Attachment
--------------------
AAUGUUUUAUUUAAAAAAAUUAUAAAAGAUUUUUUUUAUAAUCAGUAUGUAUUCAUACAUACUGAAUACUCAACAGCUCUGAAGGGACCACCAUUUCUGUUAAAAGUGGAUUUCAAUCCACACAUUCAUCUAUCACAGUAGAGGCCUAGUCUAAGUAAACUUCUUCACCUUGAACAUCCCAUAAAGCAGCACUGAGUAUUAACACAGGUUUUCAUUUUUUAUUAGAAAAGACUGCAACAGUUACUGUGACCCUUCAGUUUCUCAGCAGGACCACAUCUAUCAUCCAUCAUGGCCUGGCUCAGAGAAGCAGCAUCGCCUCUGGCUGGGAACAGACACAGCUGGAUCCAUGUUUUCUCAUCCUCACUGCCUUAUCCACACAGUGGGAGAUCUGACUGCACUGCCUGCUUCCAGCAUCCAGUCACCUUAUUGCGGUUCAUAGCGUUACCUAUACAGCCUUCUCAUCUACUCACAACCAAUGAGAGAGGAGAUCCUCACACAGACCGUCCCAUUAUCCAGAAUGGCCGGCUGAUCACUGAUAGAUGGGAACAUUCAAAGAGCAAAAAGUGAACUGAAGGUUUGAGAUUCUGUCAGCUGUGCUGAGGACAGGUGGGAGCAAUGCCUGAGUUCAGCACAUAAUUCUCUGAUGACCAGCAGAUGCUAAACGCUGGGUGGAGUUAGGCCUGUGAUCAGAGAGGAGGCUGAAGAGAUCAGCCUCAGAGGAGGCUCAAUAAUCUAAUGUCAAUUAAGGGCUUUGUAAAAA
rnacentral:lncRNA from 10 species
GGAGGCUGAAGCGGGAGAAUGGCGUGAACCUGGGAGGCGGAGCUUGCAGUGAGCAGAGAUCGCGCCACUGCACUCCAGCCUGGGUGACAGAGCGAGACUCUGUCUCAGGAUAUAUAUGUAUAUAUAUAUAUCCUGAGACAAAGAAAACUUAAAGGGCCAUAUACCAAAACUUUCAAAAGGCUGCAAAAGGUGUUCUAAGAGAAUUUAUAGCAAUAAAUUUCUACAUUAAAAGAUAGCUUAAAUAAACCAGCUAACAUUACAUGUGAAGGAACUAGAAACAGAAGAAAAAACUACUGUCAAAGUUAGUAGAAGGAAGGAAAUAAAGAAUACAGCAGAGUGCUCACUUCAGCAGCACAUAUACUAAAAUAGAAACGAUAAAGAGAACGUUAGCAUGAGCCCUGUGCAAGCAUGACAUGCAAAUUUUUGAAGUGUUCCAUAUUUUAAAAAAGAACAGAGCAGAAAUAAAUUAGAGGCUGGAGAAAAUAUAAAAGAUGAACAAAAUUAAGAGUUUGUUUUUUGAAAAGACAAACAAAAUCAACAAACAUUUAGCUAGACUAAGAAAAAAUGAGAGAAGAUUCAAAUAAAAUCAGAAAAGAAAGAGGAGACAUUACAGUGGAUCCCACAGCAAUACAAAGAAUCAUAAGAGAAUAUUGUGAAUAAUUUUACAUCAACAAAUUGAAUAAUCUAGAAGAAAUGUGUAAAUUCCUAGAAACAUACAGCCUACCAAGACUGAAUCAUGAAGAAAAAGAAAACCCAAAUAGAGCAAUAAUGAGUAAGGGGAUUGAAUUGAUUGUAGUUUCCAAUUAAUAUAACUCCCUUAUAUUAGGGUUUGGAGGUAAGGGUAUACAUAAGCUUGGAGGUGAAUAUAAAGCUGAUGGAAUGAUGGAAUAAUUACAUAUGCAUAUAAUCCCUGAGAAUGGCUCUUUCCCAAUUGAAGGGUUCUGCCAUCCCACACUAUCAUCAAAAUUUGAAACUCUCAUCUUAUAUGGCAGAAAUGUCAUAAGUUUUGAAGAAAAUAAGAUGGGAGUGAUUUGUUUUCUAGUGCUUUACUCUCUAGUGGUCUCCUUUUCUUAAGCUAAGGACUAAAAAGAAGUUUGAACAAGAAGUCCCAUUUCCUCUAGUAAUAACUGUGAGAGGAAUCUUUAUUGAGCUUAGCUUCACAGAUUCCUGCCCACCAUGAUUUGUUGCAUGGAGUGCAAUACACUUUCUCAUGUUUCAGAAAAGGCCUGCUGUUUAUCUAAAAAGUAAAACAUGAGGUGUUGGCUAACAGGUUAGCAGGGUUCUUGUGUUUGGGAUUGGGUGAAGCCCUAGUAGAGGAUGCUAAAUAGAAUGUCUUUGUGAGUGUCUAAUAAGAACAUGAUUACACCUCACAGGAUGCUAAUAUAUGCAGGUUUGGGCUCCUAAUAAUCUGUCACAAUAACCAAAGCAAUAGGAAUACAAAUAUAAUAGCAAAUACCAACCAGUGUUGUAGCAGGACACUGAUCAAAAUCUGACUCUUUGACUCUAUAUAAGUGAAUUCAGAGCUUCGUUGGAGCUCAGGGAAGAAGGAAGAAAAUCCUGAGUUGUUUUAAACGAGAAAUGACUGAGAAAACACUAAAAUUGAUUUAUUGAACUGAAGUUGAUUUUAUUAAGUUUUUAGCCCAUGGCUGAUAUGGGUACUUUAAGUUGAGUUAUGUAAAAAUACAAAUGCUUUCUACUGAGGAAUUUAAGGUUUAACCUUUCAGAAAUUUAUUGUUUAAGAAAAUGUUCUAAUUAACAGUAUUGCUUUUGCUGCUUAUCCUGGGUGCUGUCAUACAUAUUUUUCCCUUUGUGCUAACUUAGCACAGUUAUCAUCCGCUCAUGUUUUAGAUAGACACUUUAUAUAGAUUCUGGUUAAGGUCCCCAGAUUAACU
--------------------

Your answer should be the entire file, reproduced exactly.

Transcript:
AAUGUUUUAUUUAAAAAAAUUAUAAAAGAUUUUUUUUAUAAUCAGUAUGUAUUCAUACAUACUGAAUACUCAACAGCUCUGAAGGGACCACCAUUUCUGUUAAAAGUGGAUUUCAAUCCACACAUUCAUCUAUCACAGUAGAGGCCUAGUCUAAGUAAACUUCUUCACCUUGAACAUCCCAUAAAGCAGCACUGAGUAUUAACACAGGUUUUCAUUUUUUAUUAGAAAAGACUGCAACAGUUACUGUGACCCUUCAGUUUCUCAGCAGGACCACAUCUAUCAUCCAUCAUGGCCUGGCUCAGAGAAGCAGCAUCGCCUCUGGCUGGGAACAGACACAGCUGGAUCCAUGUUUUCUCAUCCUCACUGCCUUAUCCACACAGUGGGAGAUCUGACUGCACUGCCUGCUUCCAGCAUCCAGUCACCUUAUUGCGGUUCAUAGCGUUACCUAUACAGCCUUCUCAUCUACUCACAACCAAUGAGAGAGGAGAUCCUCACACAGACCGUCCCAUUAUCCAGAAUGGCCGGCUGAUCACUGAUAGAUGGGAACAUUCAAAGAGCAAAAAGUGAACUGAAGGUUUGAGAUUCUGUCAGCUGUGCUGAGGACAGGUGGGAGCAAUGCCUGAGUUCAGCACAUAAUUCUCUGAUGACCAGCAGAUGCUAAACGCUGGGUGGAGUUAGGCCUGUGAUCAGAGAGGAGGCUGAAGAGAUCAGCCUCAGAGGAGGCUCAAUAAUCUAAUGUCAAUUAAGGGCUUUGUAAAAA
rnacentral:lncRNA from 10 species
GGAGGCUGAAGCGGGAGAAUGGCGUGAACCUGGGAGGCGGAGCUUGCAGUGAGCAGAGAUCGCGCCACUGCACUCCAGCCUGGGUGACAGAGCGAGACUCUGUCUCAGGAUAUAUAUGUAUAUAUAUAUAUCCUGAGACAAAGAAAACUUAAAGGGCCAUAUACCAAAACUUUCAAAAGGCUGCAAAAGGUGUUCUAAGAGAAUUUAUAGCAAUAAAUUUCUACAUUAAAAGAUAGCUUAAAUAAACCAGCUAACAUUACAUGUGAAGGAACUAGAAACAGAAGAAAAAACUACUGUCAAAGUUAGUAGAAGGAAGGAAAUAAAGAAUACAGCAGAGUGCUCACUUCAGCAGCACAUAUACUAAAAUAGAAACGAUAAAGAGAACGUUAGCAUGAGCCCUGUGCAAGCAUGACAUGCAAAUUUUUGAAGUGUUCCAUAUUUUAAAAAAGAACAGAGCAGAAAUAAAUUAGAGGCUGGAGAAAAUAUAAAAGAUGAACAAAAUUAAGAGUUUGUUUUUUGAAAAGACAAACAAAAUCAACAAACAUUUAGCUAGACUAAGAAAAAAUGAGAGAAGAUUCAAAUAAAAUCAGAAAAGAAAGAGGAGACAUUACAGUGGAUCCCACAGCAAUACAAAGAAUCAUAAGAGAAUAUUGUGAAUAAUUUUACAUCAACAAAUUGAAUAAUCUAGAAGAAAUGUGUAAAUUCCUAGAAACAUACAGCCUACCAAGACUGAAUCAUGAAGAAAAAGAAAACCCAAAUAGAGCAAUAAUGAGUAAGGGGAUUGAAUUGAUUGUAGUUUCCAAUUAAUAUAACUCCCUUAUAUUAGGGUUUGGAGGUAAGGGUAUACAUAAGCUUGGAGGUGAAUAUAAAGCUGAUGGAAUGAUGGAAUAAUUACAUAUGCAUAUAAUCCCUGAGAAUGGCUCUUUCCCAAUUGAAGGGUUCUGCCAUCCCACACUAUCAUCAAAAUUUGAAACUCUCAUCUUAUAUGGCAGAAAUGUCAUAAGUUUUGAAGAAAAUAAGAUGGGAGUGAUUUGUUUUCUAGUGCUUUACUCUCUAGUGGUCUCCUUUUCUUAAGCUAAGGACUAAAAAGAAGUUUGAACAAGAAGUCCCAUUUCCUCUAGUAAUAACUGUGAGAGGAAUCUUUAUUGAGCUUAGCUUCACAGAUUCCUGCCCACCAUGAUUUGUUGCAUGGAGUGCAAUACACUUUCUCAUGUUUCAGAAAAGGCCUGCUGUUUAUCUAAAAAGUAAAACAUGAGGUGUUGGCUAACAGGUUAGCAGGGUUCUUGUGUUUGGGAUUGGGUGAAGCCCUAGUAGAGGAUGCUAAAUAGAAUGUCUUUGUGAGUGUCUAAUAAGAACAUGAUUACACCUCACAGGAUGCUAAUAUAUGCAGGUUUGGGCUCCUAAUAAUCUGUCACAAUAACCAAAGCAAUAGGAAUACAAAUAUAAUAGCAAAUACCAACCAGUGUUGUAGCAGGACACUGAUCAAAAUCUGACUCUUUGACUCUAUAUAAGUGAAUUCAGAGCUUCGUUGGAGCUCAGGGAAGAAGGAAGAAAAUCCUGAGUUGUUUUAAACGAGAAAUGACUGAGAAAACACUAAAAUUGAUUUAUUGAACUGAAGUUGAUUUUAUUAAGUUUUUAGCCCAUGGCUGAUAUGGGUACUUUAAGUUGAGUUAUGUAAAAAUACAAAUGCUUUCUACUGAGGAAUUUAAGGUUUAACCUUUCAGAAAUUUAUUGUUUAAGAAAAUGUUCUAAUUAACAGUAUUGCUUUUGCUGCUUAUCCUGGGUGCUGUCAUACAUAUUUUUCCCUUUGUGCUAACUUAGCACAGUUAUCAUCCGCUCAUGUUUUAGAUAGACACUUUAUAUAGAUUCUGGUUAAGGUCCCCAGAUUAACU